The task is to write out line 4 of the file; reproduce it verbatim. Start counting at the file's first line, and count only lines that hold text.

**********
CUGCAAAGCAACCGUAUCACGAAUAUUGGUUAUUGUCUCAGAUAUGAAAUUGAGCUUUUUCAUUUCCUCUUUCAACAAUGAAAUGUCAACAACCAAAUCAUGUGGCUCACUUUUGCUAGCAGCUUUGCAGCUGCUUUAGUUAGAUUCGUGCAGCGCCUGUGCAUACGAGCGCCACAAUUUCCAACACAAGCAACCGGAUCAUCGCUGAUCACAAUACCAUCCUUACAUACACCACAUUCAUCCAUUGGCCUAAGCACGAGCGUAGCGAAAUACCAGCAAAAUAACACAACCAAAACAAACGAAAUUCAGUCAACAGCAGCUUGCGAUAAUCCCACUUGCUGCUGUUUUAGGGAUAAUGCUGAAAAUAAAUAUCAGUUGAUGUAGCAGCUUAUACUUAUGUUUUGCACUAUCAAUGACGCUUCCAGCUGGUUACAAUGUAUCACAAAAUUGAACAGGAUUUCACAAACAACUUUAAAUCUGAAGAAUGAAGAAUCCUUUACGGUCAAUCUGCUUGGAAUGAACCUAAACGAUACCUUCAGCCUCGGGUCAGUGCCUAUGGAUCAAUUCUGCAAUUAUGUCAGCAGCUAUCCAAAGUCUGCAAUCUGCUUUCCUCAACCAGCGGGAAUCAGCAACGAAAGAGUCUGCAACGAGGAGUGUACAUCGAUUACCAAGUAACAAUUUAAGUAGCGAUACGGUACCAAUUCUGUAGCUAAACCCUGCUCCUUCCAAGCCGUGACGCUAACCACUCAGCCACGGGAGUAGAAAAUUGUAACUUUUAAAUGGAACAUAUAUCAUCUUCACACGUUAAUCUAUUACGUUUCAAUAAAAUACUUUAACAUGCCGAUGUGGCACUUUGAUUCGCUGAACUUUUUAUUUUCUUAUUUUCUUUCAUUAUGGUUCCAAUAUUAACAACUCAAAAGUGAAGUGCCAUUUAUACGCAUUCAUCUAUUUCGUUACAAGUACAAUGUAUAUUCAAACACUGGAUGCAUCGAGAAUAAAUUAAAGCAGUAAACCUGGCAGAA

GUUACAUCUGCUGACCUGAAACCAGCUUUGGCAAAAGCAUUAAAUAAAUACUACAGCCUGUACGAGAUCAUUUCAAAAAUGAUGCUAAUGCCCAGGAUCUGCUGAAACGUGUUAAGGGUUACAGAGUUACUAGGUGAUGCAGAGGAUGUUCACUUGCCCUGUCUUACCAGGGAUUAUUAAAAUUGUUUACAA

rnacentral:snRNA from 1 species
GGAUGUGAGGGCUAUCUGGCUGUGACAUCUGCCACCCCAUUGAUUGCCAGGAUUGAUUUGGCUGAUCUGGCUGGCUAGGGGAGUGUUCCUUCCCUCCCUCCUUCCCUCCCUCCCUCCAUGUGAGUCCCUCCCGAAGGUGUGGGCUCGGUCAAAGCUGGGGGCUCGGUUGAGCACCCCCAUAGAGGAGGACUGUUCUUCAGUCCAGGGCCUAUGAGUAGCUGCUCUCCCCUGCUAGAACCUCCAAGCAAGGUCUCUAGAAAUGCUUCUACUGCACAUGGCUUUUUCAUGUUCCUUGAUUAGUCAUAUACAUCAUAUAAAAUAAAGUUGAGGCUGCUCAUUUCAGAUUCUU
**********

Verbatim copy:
GGAUGUGAGGGCUAUCUGGCUGUGACAUCUGCCACCCCAUUGAUUGCCAGGAUUGAUUUGGCUGAUCUGGCUGGCUAGGGGAGUGUUCCUUCCCUCCCUCCUUCCCUCCCUCCCUCCAUGUGAGUCCCUCCCGAAGGUGUGGGCUCGGUCAAAGCUGGGGGCUCGGUUGAGCACCCCCAUAGAGGAGGACUGUUCUUCAGUCCAGGGCCUAUGAGUAGCUGCUCUCCCCUGCUAGAACCUCCAAGCAAGGUCUCUAGAAAUGCUUCUACUGCACAUGGCUUUUUCAUGUUCCUUGAUUAGUCAUAUACAUCAUAUAAAAUAAAGUUGAGGCUGCUCAUUUCAGAUUCUU